Walking with a caddie is surely the most enjoyable way to play golf but golf carts have their place in this great game of ours. They enable us circumnavigate the group in front and squeeze in 54 holes instead of 36. They allow us to start easily at distant points of the course and play 18 far quicker than we otherwise would starting from the first or tenth. In an emergency, such as a heart attack or snake bite, they can be a lifesaver. Most importantly, they allow the old and infirm to continue enjoying the game.
In a golf community, carts provide an amazing convenience as you zap around the village and on and off the course without creating much in the way of noise or pollution. While care should always be taken with golf carts, who among us has not had just a little fun squealing a cart around a corner, taking a little air from a bump or going flat out down the middle of the fairway that drops away in front?
JK Wadley of Texarkana (Texas/Arkansas) was the first to see the possibility of using motorized vehicles on a golf course. Apparently, his inspiration came after observing a three-wheeled electric cart being used in Los Angeles to transport senior citizens to the grocery store. He subsequently purchased a cart but discovered it worked poorly on a golf course. The first electric golf cart was custom made in 1932, but did not gain widespread acceptance until the 1950s. By the mid-‘50s, the golf cart had gained widespread acceptance and several manufacturers including Victor Adding Machines and Sears and Roebuck entered the market. Most were electric and E-Z Go began producing golf carts in 1954, Cushamn in 1955, Club Car in 1958, Taylor-Dunn in 1961, Harley-Davidson in 1963 and Yamaha in 1979. A stylish recent arrival is the Garia (pictured above), which is manufactured by Porsche.
Today, golf carts come in every shape and size imaginable to suit the taste (or lack thereof) of their owners.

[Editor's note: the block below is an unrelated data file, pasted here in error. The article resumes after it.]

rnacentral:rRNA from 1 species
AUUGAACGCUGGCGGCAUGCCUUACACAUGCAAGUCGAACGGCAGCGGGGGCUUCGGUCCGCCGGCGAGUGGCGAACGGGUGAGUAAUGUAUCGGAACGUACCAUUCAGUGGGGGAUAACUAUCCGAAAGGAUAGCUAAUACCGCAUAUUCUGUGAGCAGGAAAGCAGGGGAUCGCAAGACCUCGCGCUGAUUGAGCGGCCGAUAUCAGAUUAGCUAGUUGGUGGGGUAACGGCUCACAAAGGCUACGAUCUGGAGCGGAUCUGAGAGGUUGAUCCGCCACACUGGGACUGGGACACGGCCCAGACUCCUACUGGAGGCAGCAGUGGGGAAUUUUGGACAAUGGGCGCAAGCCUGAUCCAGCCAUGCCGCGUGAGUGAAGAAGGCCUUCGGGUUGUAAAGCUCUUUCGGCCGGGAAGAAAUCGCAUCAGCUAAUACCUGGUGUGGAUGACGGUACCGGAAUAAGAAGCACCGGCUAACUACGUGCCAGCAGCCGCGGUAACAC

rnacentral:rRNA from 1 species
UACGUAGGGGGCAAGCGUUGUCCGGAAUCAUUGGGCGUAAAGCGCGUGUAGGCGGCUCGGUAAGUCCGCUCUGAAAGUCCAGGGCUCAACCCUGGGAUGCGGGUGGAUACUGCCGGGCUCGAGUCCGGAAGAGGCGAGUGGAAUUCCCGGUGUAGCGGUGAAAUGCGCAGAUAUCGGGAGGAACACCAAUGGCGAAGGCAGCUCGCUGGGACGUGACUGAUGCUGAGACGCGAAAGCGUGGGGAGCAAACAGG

Apart from carts, there are also many other ways, besides humping them over your shoulder, of transporting clubs and enhancing your enjoyment of the game. The avid golfer/cyclist can combine the two passions and pedal around the course. Such activity can speed up play whilst providing energetic exercise.
For the surfer, skate border or more adventurous types there are various options including this popular GolfBoard. To quote from their website.
“This extraordinary new way to traverse the golf course is sure to excite your membership, while at the same time generating new interest in golf to the next generation of golfers. The GolfBoard will provide players the feeling of golfing freedom that walking gives, while at the same time speeding up pace of play – a big problem at many courses today.”
While the Segway never really changed the world the way many expected, I actually think they may be onto something with the X2 Golf model. It has a range of 12.5 miles, carries your bag, has a handle bar mounted scorecard holder and beefy all-terrain tires to tackle any surface.
Whatever I ride, I always take a light carry bag, that way if it runs out of juice or gets a flat, I can always hoof it!